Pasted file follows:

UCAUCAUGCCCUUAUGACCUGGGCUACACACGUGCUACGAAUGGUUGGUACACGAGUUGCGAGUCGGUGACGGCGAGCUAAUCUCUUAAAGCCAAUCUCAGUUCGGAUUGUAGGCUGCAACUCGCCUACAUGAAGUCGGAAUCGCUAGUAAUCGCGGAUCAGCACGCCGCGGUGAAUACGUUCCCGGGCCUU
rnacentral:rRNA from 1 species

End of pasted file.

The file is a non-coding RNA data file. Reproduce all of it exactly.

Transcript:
UCAUCAUGCCCUUAUGACCUGGGCUACACACGUGCUACGAAUGGUUGGUACACGAGUUGCGAGUCGGUGACGGCGAGCUAAUCUCUUAAAGCCAAUCUCAGUUCGGAUUGUAGGCUGCAACUCGCCUACAUGAAGUCGGAAUCGCUAGUAAUCGCGGAUCAGCACGCCGCGGUGAAUACGUUCCCGGGCCUU
rnacentral:rRNA from 1 species